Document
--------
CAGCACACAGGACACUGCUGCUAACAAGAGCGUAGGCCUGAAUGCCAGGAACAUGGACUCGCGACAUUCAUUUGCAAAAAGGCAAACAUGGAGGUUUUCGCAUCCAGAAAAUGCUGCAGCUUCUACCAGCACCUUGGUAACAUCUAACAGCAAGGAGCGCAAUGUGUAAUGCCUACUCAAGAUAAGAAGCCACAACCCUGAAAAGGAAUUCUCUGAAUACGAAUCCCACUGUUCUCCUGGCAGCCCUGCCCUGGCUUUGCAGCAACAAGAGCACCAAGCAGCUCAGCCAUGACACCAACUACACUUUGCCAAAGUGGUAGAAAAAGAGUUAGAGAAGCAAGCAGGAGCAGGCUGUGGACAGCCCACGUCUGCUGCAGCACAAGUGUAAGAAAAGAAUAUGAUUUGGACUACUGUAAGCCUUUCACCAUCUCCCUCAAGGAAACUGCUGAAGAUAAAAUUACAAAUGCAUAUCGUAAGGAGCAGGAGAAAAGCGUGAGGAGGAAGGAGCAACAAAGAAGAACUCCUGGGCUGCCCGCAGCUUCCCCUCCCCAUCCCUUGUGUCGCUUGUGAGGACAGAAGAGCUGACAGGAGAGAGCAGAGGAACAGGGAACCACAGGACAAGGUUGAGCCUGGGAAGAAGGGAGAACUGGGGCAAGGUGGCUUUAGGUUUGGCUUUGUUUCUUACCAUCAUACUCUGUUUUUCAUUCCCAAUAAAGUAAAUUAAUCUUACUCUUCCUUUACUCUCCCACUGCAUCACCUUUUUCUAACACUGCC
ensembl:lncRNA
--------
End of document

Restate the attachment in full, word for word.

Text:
CAGCACACAGGACACUGCUGCUAACAAGAGCGUAGGCCUGAAUGCCAGGAACAUGGACUCGCGACAUUCAUUUGCAAAAAGGCAAACAUGGAGGUUUUCGCAUCCAGAAAAUGCUGCAGCUUCUACCAGCACCUUGGUAACAUCUAACAGCAAGGAGCGCAAUGUGUAAUGCCUACUCAAGAUAAGAAGCCACAACCCUGAAAAGGAAUUCUCUGAAUACGAAUCCCACUGUUCUCCUGGCAGCCCUGCCCUGGCUUUGCAGCAACAAGAGCACCAAGCAGCUCAGCCAUGACACCAACUACACUUUGCCAAAGUGGUAGAAAAAGAGUUAGAGAAGCAAGCAGGAGCAGGCUGUGGACAGCCCACGUCUGCUGCAGCACAAGUGUAAGAAAAGAAUAUGAUUUGGACUACUGUAAGCCUUUCACCAUCUCCCUCAAGGAAACUGCUGAAGAUAAAAUUACAAAUGCAUAUCGUAAGGAGCAGGAGAAAAGCGUGAGGAGGAAGGAGCAACAAAGAAGAACUCCUGGGCUGCCCGCAGCUUCCCCUCCCCAUCCCUUGUGUCGCUUGUGAGGACAGAAGAGCUGACAGGAGAGAGCAGAGGAACAGGGAACCACAGGACAAGGUUGAGCCUGGGAAGAAGGGAGAACUGGGGCAAGGUGGCUUUAGGUUUGGCUUUGUUUCUUACCAUCAUACUCUGUUUUUCAUUCCCAAUAAAGUAAAUUAAUCUUACUCUUCCUUUACUCUCCCACUGCAUCACCUUUUUCUAACACUGCC
ensembl:lncRNA